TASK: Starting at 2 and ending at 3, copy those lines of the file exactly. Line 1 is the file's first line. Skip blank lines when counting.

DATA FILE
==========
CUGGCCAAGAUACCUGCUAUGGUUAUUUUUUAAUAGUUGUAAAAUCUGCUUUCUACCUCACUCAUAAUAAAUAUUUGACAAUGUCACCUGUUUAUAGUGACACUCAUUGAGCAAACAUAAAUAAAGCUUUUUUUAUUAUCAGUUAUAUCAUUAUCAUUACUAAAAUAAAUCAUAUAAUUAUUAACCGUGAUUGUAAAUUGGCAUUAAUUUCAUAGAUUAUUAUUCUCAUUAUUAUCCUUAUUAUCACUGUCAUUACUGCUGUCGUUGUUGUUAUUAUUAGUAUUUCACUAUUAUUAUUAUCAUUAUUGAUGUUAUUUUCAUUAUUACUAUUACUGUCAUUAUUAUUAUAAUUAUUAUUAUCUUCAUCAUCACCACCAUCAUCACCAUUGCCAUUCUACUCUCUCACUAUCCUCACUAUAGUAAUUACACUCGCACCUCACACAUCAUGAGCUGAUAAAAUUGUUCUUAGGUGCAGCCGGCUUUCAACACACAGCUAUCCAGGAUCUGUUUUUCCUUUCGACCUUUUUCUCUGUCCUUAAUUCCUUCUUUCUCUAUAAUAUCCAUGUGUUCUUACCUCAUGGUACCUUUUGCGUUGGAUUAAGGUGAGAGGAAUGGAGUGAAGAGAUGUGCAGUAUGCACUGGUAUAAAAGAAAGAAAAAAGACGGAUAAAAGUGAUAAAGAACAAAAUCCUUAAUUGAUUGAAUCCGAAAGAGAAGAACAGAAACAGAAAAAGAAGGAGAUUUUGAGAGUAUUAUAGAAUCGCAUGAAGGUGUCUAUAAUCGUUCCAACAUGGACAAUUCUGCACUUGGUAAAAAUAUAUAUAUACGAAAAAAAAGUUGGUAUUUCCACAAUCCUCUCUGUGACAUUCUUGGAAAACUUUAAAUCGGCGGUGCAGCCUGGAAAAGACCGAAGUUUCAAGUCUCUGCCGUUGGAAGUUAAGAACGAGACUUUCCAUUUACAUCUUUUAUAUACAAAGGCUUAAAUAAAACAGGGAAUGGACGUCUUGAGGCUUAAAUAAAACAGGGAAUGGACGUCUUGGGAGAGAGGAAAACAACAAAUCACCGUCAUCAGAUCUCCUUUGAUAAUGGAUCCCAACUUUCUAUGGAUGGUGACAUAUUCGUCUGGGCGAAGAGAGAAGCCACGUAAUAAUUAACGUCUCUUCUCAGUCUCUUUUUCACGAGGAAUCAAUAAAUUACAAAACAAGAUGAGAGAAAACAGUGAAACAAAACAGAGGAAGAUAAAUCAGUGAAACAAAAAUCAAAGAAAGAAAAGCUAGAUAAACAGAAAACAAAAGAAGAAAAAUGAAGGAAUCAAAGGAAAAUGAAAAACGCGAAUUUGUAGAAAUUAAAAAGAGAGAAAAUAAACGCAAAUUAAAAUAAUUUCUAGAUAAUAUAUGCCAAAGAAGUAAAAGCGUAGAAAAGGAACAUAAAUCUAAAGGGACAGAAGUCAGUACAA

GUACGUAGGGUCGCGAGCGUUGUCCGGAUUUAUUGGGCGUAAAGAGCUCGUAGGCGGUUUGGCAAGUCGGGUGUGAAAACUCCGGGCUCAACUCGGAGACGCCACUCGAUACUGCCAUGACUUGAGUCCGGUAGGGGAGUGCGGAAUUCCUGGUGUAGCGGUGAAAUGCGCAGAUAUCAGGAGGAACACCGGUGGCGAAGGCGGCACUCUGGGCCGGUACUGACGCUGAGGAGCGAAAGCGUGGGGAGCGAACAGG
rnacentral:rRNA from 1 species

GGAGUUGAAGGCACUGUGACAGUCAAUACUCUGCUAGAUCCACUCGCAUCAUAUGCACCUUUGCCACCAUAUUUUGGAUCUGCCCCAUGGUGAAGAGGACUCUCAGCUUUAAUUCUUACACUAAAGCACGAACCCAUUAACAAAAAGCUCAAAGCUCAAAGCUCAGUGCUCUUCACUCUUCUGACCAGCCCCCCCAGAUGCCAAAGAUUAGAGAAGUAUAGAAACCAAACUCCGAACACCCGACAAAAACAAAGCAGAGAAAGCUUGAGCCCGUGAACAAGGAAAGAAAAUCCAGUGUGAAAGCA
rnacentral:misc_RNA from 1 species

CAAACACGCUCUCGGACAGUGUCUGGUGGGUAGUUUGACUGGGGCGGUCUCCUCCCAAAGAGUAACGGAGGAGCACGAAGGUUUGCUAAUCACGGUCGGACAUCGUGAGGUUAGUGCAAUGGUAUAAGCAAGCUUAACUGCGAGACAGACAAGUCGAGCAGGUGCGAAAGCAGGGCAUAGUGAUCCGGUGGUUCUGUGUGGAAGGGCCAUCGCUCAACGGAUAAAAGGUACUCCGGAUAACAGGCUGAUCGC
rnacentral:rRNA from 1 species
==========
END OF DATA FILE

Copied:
GUACGUAGGGUCGCGAGCGUUGUCCGGAUUUAUUGGGCGUAAAGAGCUCGUAGGCGGUUUGGCAAGUCGGGUGUGAAAACUCCGGGCUCAACUCGGAGACGCCACUCGAUACUGCCAUGACUUGAGUCCGGUAGGGGAGUGCGGAAUUCCUGGUGUAGCGGUGAAAUGCGCAGAUAUCAGGAGGAACACCGGUGGCGAAGGCGGCACUCUGGGCCGGUACUGACGCUGAGGAGCGAAAGCGUGGGGAGCGAACAGG
rnacentral:rRNA from 1 species